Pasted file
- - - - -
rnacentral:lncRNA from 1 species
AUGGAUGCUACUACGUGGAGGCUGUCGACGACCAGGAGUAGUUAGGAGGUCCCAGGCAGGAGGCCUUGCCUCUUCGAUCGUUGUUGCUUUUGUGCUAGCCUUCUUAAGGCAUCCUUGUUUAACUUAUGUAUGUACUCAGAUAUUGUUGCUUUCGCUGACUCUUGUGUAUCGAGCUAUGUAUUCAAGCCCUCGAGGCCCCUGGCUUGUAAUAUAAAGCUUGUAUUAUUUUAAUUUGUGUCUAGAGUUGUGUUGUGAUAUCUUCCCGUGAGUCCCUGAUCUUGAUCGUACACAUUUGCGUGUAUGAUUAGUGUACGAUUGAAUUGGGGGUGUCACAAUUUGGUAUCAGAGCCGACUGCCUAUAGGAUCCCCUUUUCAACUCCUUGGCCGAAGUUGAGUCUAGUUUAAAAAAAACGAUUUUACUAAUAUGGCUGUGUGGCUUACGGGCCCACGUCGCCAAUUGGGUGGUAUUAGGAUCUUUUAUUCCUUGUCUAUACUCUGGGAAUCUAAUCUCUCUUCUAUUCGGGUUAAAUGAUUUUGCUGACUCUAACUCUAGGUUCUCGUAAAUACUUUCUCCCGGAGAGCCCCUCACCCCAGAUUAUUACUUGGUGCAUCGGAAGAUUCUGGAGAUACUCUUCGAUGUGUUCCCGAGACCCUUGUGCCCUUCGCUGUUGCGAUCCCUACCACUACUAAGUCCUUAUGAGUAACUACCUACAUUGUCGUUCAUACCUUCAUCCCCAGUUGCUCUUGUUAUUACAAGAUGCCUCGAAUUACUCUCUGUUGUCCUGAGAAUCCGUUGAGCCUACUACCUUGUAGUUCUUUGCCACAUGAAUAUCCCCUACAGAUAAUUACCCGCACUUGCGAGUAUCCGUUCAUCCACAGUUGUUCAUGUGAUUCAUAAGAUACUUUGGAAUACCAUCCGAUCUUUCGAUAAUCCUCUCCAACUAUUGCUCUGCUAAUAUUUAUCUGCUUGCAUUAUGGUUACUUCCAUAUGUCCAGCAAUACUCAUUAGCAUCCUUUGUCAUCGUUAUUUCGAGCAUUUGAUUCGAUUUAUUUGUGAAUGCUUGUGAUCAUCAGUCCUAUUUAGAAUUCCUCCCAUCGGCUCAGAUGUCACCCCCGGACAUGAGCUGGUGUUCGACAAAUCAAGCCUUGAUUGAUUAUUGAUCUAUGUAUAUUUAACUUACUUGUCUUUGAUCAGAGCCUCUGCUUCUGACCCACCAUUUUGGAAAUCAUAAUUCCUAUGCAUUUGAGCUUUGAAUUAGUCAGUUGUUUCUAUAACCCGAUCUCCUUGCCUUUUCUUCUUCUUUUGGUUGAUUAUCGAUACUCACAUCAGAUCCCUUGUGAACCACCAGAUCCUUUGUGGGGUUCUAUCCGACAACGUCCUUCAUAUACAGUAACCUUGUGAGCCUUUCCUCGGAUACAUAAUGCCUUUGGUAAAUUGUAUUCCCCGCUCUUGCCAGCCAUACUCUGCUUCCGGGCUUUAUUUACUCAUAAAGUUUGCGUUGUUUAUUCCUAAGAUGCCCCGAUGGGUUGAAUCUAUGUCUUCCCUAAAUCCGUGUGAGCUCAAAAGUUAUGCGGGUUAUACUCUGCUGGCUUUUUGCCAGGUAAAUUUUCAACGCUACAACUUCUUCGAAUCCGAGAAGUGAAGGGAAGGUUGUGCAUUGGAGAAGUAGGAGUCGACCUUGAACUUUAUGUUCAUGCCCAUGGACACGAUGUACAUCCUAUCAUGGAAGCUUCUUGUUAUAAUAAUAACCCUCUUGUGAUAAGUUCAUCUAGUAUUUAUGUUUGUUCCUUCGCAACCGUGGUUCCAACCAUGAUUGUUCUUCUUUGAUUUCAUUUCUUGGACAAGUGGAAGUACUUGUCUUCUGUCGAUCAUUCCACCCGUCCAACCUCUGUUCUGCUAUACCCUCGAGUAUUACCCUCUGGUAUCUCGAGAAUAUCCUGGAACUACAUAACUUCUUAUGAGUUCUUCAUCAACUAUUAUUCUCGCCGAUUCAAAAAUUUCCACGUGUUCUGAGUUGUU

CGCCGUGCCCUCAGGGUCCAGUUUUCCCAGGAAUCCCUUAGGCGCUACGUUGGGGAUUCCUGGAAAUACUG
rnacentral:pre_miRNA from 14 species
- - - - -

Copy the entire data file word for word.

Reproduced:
rnacentral:lncRNA from 1 species
AUGGAUGCUACUACGUGGAGGCUGUCGACGACCAGGAGUAGUUAGGAGGUCCCAGGCAGGAGGCCUUGCCUCUUCGAUCGUUGUUGCUUUUGUGCUAGCCUUCUUAAGGCAUCCUUGUUUAACUUAUGUAUGUACUCAGAUAUUGUUGCUUUCGCUGACUCUUGUGUAUCGAGCUAUGUAUUCAAGCCCUCGAGGCCCCUGGCUUGUAAUAUAAAGCUUGUAUUAUUUUAAUUUGUGUCUAGAGUUGUGUUGUGAUAUCUUCCCGUGAGUCCCUGAUCUUGAUCGUACACAUUUGCGUGUAUGAUUAGUGUACGAUUGAAUUGGGGGUGUCACAAUUUGGUAUCAGAGCCGACUGCCUAUAGGAUCCCCUUUUCAACUCCUUGGCCGAAGUUGAGUCUAGUUUAAAAAAAACGAUUUUACUAAUAUGGCUGUGUGGCUUACGGGCCCACGUCGCCAAUUGGGUGGUAUUAGGAUCUUUUAUUCCUUGUCUAUACUCUGGGAAUCUAAUCUCUCUUCUAUUCGGGUUAAAUGAUUUUGCUGACUCUAACUCUAGGUUCUCGUAAAUACUUUCUCCCGGAGAGCCCCUCACCCCAGAUUAUUACUUGGUGCAUCGGAAGAUUCUGGAGAUACUCUUCGAUGUGUUCCCGAGACCCUUGUGCCCUUCGCUGUUGCGAUCCCUACCACUACUAAGUCCUUAUGAGUAACUACCUACAUUGUCGUUCAUACCUUCAUCCCCAGUUGCUCUUGUUAUUACAAGAUGCCUCGAAUUACUCUCUGUUGUCCUGAGAAUCCGUUGAGCCUACUACCUUGUAGUUCUUUGCCACAUGAAUAUCCCCUACAGAUAAUUACCCGCACUUGCGAGUAUCCGUUCAUCCACAGUUGUUCAUGUGAUUCAUAAGAUACUUUGGAAUACCAUCCGAUCUUUCGAUAAUCCUCUCCAACUAUUGCUCUGCUAAUAUUUAUCUGCUUGCAUUAUGGUUACUUCCAUAUGUCCAGCAAUACUCAUUAGCAUCCUUUGUCAUCGUUAUUUCGAGCAUUUGAUUCGAUUUAUUUGUGAAUGCUUGUGAUCAUCAGUCCUAUUUAGAAUUCCUCCCAUCGGCUCAGAUGUCACCCCCGGACAUGAGCUGGUGUUCGACAAAUCAAGCCUUGAUUGAUUAUUGAUCUAUGUAUAUUUAACUUACUUGUCUUUGAUCAGAGCCUCUGCUUCUGACCCACCAUUUUGGAAAUCAUAAUUCCUAUGCAUUUGAGCUUUGAAUUAGUCAGUUGUUUCUAUAACCCGAUCUCCUUGCCUUUUCUUCUUCUUUUGGUUGAUUAUCGAUACUCACAUCAGAUCCCUUGUGAACCACCAGAUCCUUUGUGGGGUUCUAUCCGACAACGUCCUUCAUAUACAGUAACCUUGUGAGCCUUUCCUCGGAUACAUAAUGCCUUUGGUAAAUUGUAUUCCCCGCUCUUGCCAGCCAUACUCUGCUUCCGGGCUUUAUUUACUCAUAAAGUUUGCGUUGUUUAUUCCUAAGAUGCCCCGAUGGGUUGAAUCUAUGUCUUCCCUAAAUCCGUGUGAGCUCAAAAGUUAUGCGGGUUAUACUCUGCUGGCUUUUUGCCAGGUAAAUUUUCAACGCUACAACUUCUUCGAAUCCGAGAAGUGAAGGGAAGGUUGUGCAUUGGAGAAGUAGGAGUCGACCUUGAACUUUAUGUUCAUGCCCAUGGACACGAUGUACAUCCUAUCAUGGAAGCUUCUUGUUAUAAUAAUAACCCUCUUGUGAUAAGUUCAUCUAGUAUUUAUGUUUGUUCCUUCGCAACCGUGGUUCCAACCAUGAUUGUUCUUCUUUGAUUUCAUUUCUUGGACAAGUGGAAGUACUUGUCUUCUGUCGAUCAUUCCACCCGUCCAACCUCUGUUCUGCUAUACCCUCGAGUAUUACCCUCUGGUAUCUCGAGAAUAUCCUGGAACUACAUAACUUCUUAUGAGUUCUUCAUCAACUAUUAUUCUCGCCGAUUCAAAAAUUUCCACGUGUUCUGAGUUGUU

CGCCGUGCCCUCAGGGUCCAGUUUUCCCAGGAAUCCCUUAGGCGCUACGUUGGGGAUUCCUGGAAAUACUG
rnacentral:pre_miRNA from 14 species